My day as a lab rat

On Friday, I headed for an anonymous tower block in Croydon, where I spent a morning giving blood samples, cycling on an exercise bike while hooked up to an ECG, spitting into a jar, being weighed, measured and having my reactions and memory tested. Why? All in the name of science.

As I spend so much time writing about medical research studies, I was completely unable to resist the opportunity to take part in one. And not just any old one. The UK Biobank project is one of the biggest ongoing research studies in the world.

It aims to recruit over a million UK citizens, across the whole spectrum, to gather an enormous amount of data. This huge dataset will then be used as a fantastic resource for researchers in years to come, answering key questions about the interplay between nature and nurture. In other words, how much of your health is down to your environment and lifestyle, and how much to your genetic inheritance? I was one of the many people to receive an invitation to take part.

I did think twice before accepting. I do have concerns about data protection and privacy. I’ve agreed that not only my medical records, but my DNA samples, can be used by anyone given permission to carry out the research. Of course, that will be on an anonymised basis. But human error always happens, and I’m aware no set of data is 100 percent secure.

I decided to go with my instincts (and curiosity) by agreeing to take part. We all benefit from good quality medical research, and the studies I enjoy dissecting for my living wouldn’t happen if everyone decided to be precious about their privacy.

So what will these lucky researchers find out about me?   So far, that my lung function, body mass index, intra-ocular eye pressure, bone density and blood pressure are fine. Phew. They’ll know more than I do about my cholesterol level, my DNA profile, my hearing and intelligence.

They’ll probably know less than me about my diet and exercise. I filled in all the questionnaires, but honestly, can you say how many portions of fruit you ate last week? Or swear to how much time you spent doing moderately vigorous activity? Was that biscuit yesterday, or the day before? Do I count walking to work, or is that already covered in my commuting information?

I’ll be a little more suspicious next time I look at a study which relies on people filling in dietary questionnaires, or estimating how much exercise they do. Not only is it hard to remember, it’s so tempting to ‘improve’ your answers a little. Go on, be honest, do you round up or down your alcohol units when the doctor asks?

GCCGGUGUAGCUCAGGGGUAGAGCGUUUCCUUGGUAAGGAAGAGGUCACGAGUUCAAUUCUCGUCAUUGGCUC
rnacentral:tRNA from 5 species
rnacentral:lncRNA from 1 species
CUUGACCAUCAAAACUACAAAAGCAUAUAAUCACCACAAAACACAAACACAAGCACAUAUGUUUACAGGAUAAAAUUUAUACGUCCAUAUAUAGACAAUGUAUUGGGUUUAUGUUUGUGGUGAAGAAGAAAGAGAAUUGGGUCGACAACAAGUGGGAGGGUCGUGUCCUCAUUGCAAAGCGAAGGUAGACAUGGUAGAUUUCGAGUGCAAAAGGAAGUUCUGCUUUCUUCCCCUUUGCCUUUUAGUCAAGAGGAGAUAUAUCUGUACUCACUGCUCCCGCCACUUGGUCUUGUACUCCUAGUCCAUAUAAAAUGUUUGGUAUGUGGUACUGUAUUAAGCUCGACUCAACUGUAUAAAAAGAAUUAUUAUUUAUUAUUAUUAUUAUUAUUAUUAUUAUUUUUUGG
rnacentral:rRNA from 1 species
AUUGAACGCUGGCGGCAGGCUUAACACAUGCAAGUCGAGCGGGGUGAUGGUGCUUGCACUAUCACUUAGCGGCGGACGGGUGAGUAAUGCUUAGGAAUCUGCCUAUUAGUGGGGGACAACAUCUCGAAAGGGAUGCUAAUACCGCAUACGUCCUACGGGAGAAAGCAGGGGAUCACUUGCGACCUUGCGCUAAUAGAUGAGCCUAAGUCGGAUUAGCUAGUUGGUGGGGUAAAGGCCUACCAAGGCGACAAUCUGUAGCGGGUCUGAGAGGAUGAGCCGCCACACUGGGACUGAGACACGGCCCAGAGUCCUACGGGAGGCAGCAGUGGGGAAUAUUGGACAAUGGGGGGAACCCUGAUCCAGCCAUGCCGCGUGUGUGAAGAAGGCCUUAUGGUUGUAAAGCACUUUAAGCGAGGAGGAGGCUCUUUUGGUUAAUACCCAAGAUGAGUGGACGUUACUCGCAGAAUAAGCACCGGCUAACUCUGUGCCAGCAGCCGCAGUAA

But I do support the overall aims of the project, and wish the researchers well. Maybe, come my decreptitude, I’ll be offered a memory-saving drug that was developed with help from the UK Biobank project. Maybe it’ll even help me remember what I ate yesterday.

Image: The Mouse from Darney’s photostream at Flickr.com with CCL.

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2 comments

  1. I’ve received a comment on this post by Adam Jacobs, who is concerned that I have been misled about the confidentiality of the data. I’m not posting his comment because of legal concerns. Adam Jacobs’ own blog post on the subject is here: http://dianthus.co.uk/uk-biobank. Information about confidentiality is posted on the Biobank site here: http://www.ukbiobank.ac.uk/faqs/confidentiality.php. For the record, I am happy with the assurance that the data results will be held separately from my personal identifiers. The data would be little use to anyone, were there no means of linking it to my medical records in future. I don’t feel I was misled. I encourage anyone considering taking part to read the information and ask questions, until they are personally happy with the risks.

  2. I got the letter inviting me to participate in this too. The main thing that put me off was that it was in Croydon! It would have taken a long time, and Im too busy at the moment. My husband also got the invitation and couldnt spare the time.
    I wonder what sort of ‘cross section’ they will get?
    Self employed, OAPs, unemployed, people not ashamed by their bodies and lifestyle.
    You have an altruistic attitude and are not worried about data confidentiality. That is admirable. But lots of people are not like you, so I wonder if ‘across the spectrum’ is possible?

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